We’ve been manning an account on Twitter since early 2008, and at first we were merely using it in our workshops to demonstrate to our students the different social media in the Web 2.0 arsenal. Gradually, over time, we started to use the platform to engage in conversations with others about our work but also about the subject of media literacy, which led to us trying to specifically address the medium of Twitter through Twitter itself. Through this implementation, we’ve discovered some incredibly dynamic and beneficial qualities to Twitter, however, none more than Twitter’s search function. Type any term you want, and you receive a realtime, updated stream of tweets from everyone who mentions that term in their tweet. Instantly, you can see what people all around the globe are saying through Twitter about “model airplanes” or “world cup 2010”. Recently, this function has served a much more prescient, geo-political purpose.
On Friday, general elections for Iranian President took place. Shortly after, incumbent President Ahmadinejad was declared the winner, defeating his rival Mir-Hossein Mousavi. The reaction worldwide was astonishment and shock, but none more outraged than those within Iran’s borders. Gradually, demonstrations began to assemble on the streets of Tehran, growing in intensity, despite the threats of armed response from the government. Coinciding with these brave protesters, another demonstration has emerged on Twitter. Thousands of people are spreading information, links, pictures and other words of encouragement all with the hash tag of #iranelection, which means when you perform a Twitter search on that term, you can witness the constant stream of tweets it chains together. I encourage you to spend a few minutes reading through the long list of updates. It’s pretty incredible. You see hundreds and perhaps thousands of folks around the world using this “useless” medium to voice their support for those Iranians gathering to demand their voices heard and their votes counted.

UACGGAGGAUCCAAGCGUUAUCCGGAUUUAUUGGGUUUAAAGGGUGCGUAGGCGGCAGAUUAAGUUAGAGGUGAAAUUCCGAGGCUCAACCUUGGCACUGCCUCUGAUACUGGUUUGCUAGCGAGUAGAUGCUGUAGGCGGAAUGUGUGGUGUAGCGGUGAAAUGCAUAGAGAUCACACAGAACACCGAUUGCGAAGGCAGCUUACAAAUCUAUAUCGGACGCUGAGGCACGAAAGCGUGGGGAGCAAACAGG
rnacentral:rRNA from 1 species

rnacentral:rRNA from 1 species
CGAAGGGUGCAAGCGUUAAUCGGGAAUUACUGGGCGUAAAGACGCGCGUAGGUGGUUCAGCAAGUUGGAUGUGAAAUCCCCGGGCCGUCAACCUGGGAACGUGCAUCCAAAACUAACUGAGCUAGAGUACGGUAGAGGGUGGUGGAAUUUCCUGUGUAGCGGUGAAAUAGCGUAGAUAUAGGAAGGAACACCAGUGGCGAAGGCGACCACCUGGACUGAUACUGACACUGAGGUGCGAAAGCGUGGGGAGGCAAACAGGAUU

While monitoring the events that are unfolding on Twitter (and on some other sites as well), several things occurred to me. Numerous messages are being forwarded about actions by the Iranian Government:
“They’re cutting off all connections now, Google Talk, Yahoo Messenger Twitter..”
“CONFIRMED!! Army moving into Tehran against protesters! PLEASE RT! URGENT!”
While monitoring this stream, I’ve encountered these repeated over and over by folks who probably have the kindest of intentions, but how do they possibly know that what they are spreading is accurate information? There have been several photos posted via TwitPic that depict some gruesome scenes, but again, how are we certain these photos are coming from these harrowing events? Another item was posted several times in Twitter that the BBC’s website had changed it’s colors to green in order to show solidarity with Mousavi’s supporters (“2mw: rt@omasciandaro: The BBC web site just went green in support of Iraninan opposition. Small gesture, huge message. Go green! #iranelection“). However, this isn’t true. The BBC’s website has been these colors for a long while.
We asked several questions on Twitter about this subject:
–How many of you are following #iranelection? How many of those tweets w/that label can you trust? What % need to be dismissed? % heeded?
–Twitter + #iranelection = first Internet uprising? http://bit.ly/ZQYDc But who’s in command? Are there guiding principles?
–How do you trust the “factual” ones? are those twitpics really pics of #iranelection? Who’s factchecking?
While this is by no means a statistically significant sampling, the only responses we got to our questions were of the nature that factchecking, guidance and critical analysis weren’t important to what was being attempted through Twitter. This response brings up a whole bunch of other questions: What constitutes an uprising? Do these well-intentioned folks really understand Iranian politics and the positions Mousavi held in the election?
Maybe we’re seeing the first Internet uprising, and perhaps other uprisings also dealt with this amount of misinformation being disseminated, but one thing is for sure: Twitter is more than just telling others about the chili cheese dog you had for lunch.